equivalent of two Master's degrees or virtually equivalent to a Ph.D.
I don't see any problem with a teacher with 35 years of experience and a
Master's Degree plus 45 credits making over $100K. These teachers
are not overpaid. An engineer with a Master's or even a Bachelor's
Degree can make well in excess of $100K with 30 years of experience. Why
shouldn't teachers? Over the last 10 to 12 years Ringwood has changed
from a district that was top heavy with highly paid senior experienced
teachers into a young district with many lower salaried minimally
experienced teachers. While these newer teachers are effectively
teaching our children, I can't help but wonder if the loss of all that
experience has impacted the district.
The state may try to force
Ringwood, Wanaque, and Lakeland Regional High School to
(consolidate) into a
single school district. Historically, this concept has also been
pushed for by the Passaic County Superintendent of Schools and the Lakeland
Board of Education. The push from the state is dramatically
reduced over the past few years, but it may heat up again and I remain firmly
committed against regionalization and I will
support the Ringwood district in its fight against regionalizing. When all the
aspects of regionalization are examined, it is likely that the costs
after regionalization will exceed current costs.
We might consolidate the superintendent positions with regionalization, but
each of the sending districts would want their own Assistant Superintendent
adding to the head count. Ringwood residents are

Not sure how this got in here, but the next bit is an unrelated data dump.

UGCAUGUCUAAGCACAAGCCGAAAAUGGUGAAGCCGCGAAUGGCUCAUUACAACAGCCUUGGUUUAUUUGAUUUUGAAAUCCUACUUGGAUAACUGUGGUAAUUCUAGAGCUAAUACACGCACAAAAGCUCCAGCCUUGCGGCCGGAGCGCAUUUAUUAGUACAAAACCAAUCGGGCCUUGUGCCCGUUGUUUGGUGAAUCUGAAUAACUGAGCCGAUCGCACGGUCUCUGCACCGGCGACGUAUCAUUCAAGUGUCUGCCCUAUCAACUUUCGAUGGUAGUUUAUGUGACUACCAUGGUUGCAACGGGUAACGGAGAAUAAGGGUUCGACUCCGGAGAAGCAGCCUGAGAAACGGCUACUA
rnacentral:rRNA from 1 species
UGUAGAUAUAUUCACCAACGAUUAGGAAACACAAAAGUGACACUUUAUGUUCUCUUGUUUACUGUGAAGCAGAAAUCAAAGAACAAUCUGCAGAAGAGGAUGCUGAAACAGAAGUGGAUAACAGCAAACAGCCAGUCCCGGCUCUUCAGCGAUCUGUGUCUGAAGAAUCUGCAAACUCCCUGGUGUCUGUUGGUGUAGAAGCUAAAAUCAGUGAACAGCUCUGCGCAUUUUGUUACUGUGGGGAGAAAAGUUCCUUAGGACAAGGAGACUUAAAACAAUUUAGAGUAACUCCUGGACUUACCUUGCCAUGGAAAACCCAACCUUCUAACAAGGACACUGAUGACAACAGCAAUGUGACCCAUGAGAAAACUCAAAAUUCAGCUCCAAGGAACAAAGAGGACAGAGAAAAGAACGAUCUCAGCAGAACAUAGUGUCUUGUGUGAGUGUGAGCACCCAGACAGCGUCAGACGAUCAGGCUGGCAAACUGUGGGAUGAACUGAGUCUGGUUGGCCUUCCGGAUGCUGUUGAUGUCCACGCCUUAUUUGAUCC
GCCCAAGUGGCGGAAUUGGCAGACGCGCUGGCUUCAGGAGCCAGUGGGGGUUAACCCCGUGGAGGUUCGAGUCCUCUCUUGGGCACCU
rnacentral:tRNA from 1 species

proud of our school system and our teachers and we do not want to see any
changes in an efficiently working system.
Finally, we get to the Ringwood assistant
superintendent. Our current assistant
superintendent is a highly competent, highly qualified individual. She
would probably be successful as a superintendent in her own right, but her
skills are being wasted as an assistant superintendent in Ringwood.
We've had this competent individual for quite a few years with no really
effective position for her. It appears that the assistant
superintendent position was created for her because she is so qualified and
there was no place else to effectively put her. The assistant
superintendent position should be eliminated and the person in the job
should be put into an educational position where she can be most effectively
utilized. Her skills, at this time, are being wasted in a small
district like Ringwood where there is no need for both a superintendent and
an assistant superintendent. I personally would like to see her
running our gifted and talented program which she once did in the past.
I'm sure there are a number of educational positions that could use her